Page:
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Alternatively, to predict foreign exchange markets. I know this can get pretty complicated, so as an introduction, I'm looking for a simple prediction algorithm that has some accuracy.

(It's for a M.Sc. university project that lasts four months)

I've read that a multi-layer neural network might be useful. Any thoughts on that? In addition, semantic analysis of social media may provide insight into market behavior which influences the stock market. However, semantic analysis is a bit outside the scope of the project at the moment.

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    $\begingroup$ Mine, but for obvious reasons I'm keeping it all to myself! $\endgroup$ – babelproofreader Jan 20 '12 at 15:47
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    $\begingroup$ If one believes the efficient-market hypothesis, it is impossible to consistently achieve higher than average market returns (without insider knowledge), which is built into current rates/prices. A lot of people disagree with this, but almost everyone agrees that it is true for a casual investor. In other words, a 3 line model based off of rand() is probably almost as good as the typical investor :P $\endgroup$ – rm999 Jan 20 '12 at 16:12
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    $\begingroup$ It seems unlikely that anyone would be willing to share an algorithm that has any out-of-sample accuracy. Except, perhaps, some published academic work where the anomaly is small and doesn't cover transaction costs. $\endgroup$ – NPE Jan 20 '12 at 16:47
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    $\begingroup$ For academic work, it might be more worthwhile to model the prices rather than try to predict it. Prediction will probably prove to be unsuccessful, but modeling might at least provide some insight into how things actually work, and theoretically may be extended to prediction. $\endgroup$ – highBandWidth Jan 20 '12 at 17:31
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    $\begingroup$ @wayne I don't think it's about overfitting, it's about allowing predictors that cannot be used for predictions, for example variables that occur during/after stock movements - if you find that apple and microsoft stock tend to correlate, this fact cannot be used to predict msft stock but can be very informative. $\endgroup$ – rm999 Jan 22 '12 at 7:43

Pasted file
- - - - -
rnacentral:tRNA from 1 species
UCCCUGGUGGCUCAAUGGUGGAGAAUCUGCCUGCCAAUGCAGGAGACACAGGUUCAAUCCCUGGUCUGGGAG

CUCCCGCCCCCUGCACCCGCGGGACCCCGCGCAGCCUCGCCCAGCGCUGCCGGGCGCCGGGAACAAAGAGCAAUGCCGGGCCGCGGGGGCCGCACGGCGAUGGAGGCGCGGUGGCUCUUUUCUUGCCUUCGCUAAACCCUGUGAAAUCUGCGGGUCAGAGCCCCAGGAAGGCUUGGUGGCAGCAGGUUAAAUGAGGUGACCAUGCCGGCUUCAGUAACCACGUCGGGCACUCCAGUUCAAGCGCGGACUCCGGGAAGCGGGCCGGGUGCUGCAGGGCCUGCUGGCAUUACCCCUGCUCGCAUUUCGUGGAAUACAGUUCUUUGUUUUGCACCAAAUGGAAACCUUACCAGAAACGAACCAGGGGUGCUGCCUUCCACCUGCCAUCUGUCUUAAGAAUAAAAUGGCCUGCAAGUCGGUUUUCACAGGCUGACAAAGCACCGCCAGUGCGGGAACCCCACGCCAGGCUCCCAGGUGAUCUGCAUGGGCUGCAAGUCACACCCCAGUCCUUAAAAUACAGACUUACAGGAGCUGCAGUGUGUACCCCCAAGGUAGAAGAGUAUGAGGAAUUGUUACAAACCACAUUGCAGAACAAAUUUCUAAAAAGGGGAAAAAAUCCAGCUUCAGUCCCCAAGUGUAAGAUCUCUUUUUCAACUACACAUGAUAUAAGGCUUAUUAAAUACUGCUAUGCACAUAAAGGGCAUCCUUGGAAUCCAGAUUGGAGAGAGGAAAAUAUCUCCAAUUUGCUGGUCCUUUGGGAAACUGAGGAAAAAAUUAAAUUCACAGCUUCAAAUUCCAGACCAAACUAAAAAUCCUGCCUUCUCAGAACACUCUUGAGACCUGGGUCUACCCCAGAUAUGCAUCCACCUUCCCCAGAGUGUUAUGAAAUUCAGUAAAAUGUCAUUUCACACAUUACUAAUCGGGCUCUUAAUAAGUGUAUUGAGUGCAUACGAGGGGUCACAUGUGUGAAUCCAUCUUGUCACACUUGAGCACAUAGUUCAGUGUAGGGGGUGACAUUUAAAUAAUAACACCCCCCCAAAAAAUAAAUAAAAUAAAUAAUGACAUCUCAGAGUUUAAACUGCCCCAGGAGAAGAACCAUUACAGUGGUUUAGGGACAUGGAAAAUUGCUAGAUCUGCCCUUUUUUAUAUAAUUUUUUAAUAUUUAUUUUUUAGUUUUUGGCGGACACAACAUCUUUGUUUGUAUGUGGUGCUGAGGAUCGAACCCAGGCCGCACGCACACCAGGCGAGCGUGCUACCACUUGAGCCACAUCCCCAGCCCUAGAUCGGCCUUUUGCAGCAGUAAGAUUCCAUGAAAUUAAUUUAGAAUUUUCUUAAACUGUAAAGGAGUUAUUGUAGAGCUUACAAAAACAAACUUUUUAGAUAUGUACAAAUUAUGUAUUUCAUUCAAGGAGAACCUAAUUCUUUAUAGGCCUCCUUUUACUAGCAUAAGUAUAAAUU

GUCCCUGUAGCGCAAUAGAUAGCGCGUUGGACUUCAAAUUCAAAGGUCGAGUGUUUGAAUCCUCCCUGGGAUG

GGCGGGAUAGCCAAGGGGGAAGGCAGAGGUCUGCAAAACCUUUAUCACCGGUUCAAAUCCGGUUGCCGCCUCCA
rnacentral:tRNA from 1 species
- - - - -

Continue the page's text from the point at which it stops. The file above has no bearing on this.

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As babelproofreader mentioned, those that have a successful algorithm tend to be very secretive about it. Thus it's unlikely that any widely available algorithm is going to be very useful out of the box unless you are doing something clever with it (at which point it sort of stops being widely available since you are adding to it).

That said, learning about autoregressive integerated moving average (ARIMA) models might be a useful start for forecasting time-series data. Don't expect better than random results though.

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    $\begingroup$ +1: How many times I've been reading or been in a class and heard people who believe that if they have a complicated-enough algorithm, they could get rich in the stock/electricity/commodities markets. You try to explain overfitting, etc, but to no avail. Heck, as far as I know, not being an insider, successful stock-trading software has depended on no transaction fees, arbitrage, and high speed. The cutting edge now is to use loopholes in automated trading rules and high-speed proposal/withdrawl of bids to sucker-punch other automated traders. $\endgroup$ – Wayne Jan 21 '12 at 15:12
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    $\begingroup$ The other issue is where multiple people end up with the same algorithm because they did their training on exactly the same data, then put volume sales/purchases through. Would any algorithm be expected to have long-run accuracy? $\endgroup$ – Michelle Jan 24 '12 at 19:33
  • $\begingroup$ @Wayne there are strategies for reducing over-fitting, though they're difficult to implement on time series data. $\endgroup$ – Zach Jan 27 '12 at 16:53
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    $\begingroup$ @Zach: yes, there are ways to penalize overfitting, but it's the attitude I'm reflecting on: the folks who have done some basic (probably erroneous) curve fitting in Excel and feel that they could've made money with their secret sauce, but what they really need is one of those cutting-edge, sophisticated algorithms that the professor just won't share with the class. That algorithm would fit the data like a glove, and then predict so much better than all those other speculators using Excel spreadsheets... but the professor keeps droning on about overfitting and the limitations of data. Sigh. $\endgroup$ – Wayne Jan 27 '12 at 19:32
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I think for your purposes, you should pick a machine learning algorithm you find interesting and try it.

Regarding Efficient Market Theory, the markets are not efficient, in any time scale. Also, some people (both in academia and real-life quants) are motivated by the intellectual challenge, not just to get-rich-quick, and they do publish interesting results (and I count a failed result as an interesting one). But treat everything you read with a pinch of salt; if the results are really good, perhaps their scientific method isn't.